5 Million Records Exposed Due to Unsecured MongoDB Marketing Database

A MongoDB database containing the personal records of around 5 million individuals has been left exposed on the internet.

The database contained personal information and health data and belonged to MedicareSupplement.com, a website run by TZ Insurance Solutions which helps individuals find a Medigap insurance plan. Individuals looking for coverage can visit the website to find out more about suitable health plans and can obtain quotes by filling out an online form and entering their personal information.

Researchers from Compariteh and security researcher Bob Diachenko discovered the database on May 13, 2019. The marketing database contains information such as name, address, telephone number, email address, IP address, date of birth, gender, and information relating to health, life, auto, and supplemental insurance.  Around 239,000 records included the area of insurance interest.

It is unclear for how long the database was exposed, but it was indexed by the search engine BinaryEdge on May 10, 2019.

The researchers reported the breach to MedicareSupplement.com but no response was received, although the database has now been secured and is no longer accessible.

As a result of the lack of authentication controls it would have been possible for a hacker to delete or alter data or install malware on the system.

Summa Health Patients Notified of Data Breach

An unauthorized individual has gained access to the email accounts of several employees of the Akron, OH hospital system Summa Health and potentially viewed or copied patient information.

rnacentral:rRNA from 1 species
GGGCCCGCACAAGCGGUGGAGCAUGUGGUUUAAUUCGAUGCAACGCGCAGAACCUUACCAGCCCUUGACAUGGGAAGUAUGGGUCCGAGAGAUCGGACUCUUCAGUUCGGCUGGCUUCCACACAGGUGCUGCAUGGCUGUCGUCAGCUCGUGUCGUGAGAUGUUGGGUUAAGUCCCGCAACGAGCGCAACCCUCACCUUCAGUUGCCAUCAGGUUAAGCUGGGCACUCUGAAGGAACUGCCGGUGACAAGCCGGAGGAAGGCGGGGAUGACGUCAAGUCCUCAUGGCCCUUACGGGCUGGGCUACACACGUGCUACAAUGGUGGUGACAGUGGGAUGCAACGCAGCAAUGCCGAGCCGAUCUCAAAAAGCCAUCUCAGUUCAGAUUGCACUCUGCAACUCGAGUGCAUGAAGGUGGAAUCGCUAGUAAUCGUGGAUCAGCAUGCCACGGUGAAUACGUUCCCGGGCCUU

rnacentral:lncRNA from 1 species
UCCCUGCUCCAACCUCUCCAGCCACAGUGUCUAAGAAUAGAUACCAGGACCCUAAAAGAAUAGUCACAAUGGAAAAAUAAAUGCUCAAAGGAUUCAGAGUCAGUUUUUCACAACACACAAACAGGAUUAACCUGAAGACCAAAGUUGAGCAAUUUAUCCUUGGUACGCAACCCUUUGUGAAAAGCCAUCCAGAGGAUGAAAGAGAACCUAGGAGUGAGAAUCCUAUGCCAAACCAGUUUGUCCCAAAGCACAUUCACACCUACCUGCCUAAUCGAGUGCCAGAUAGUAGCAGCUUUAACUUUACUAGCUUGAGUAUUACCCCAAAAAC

The email accounts were discovered to have been compromised on May 1, 2019. The Summa Health investigation confirmed that two employee email accounts had been compromised in August 2018, with a further two accounts compromised on March 11 and March 29 as a result of employees responding to phishing emails.

Summa Health hired a leading computer forensics firm to investigate the breach. The company confirmed that the accounts had been accessed and PHI had potentially been viewed. No evidence was uncovered to suggest any patient information was viewed or stolen, but the possibility could not be ruled out.

For the majority of patients, the types of information that were exposed were limited to names, dates of birth, patient account numbers, medical record numbers, and some clinical and treatment information. A small subset of patients also had their Social Security number or driver’s license number exposed.

Summa Health will be implementing additional security measures to prevent further email security breaches and staff will be provided with additional training on privacy and security.

Summa Health has not confirmed how many patients were affected other than saying the breach impacted more than 500 individuals.

Author: Steve Alder has many years of experience as a journalist, and comes from a background in market research. He is a specialist on legal and regulatory affairs, and has several years of experience writing about HIPAA. Steve holds a B.Sc. from the University of Liverpool.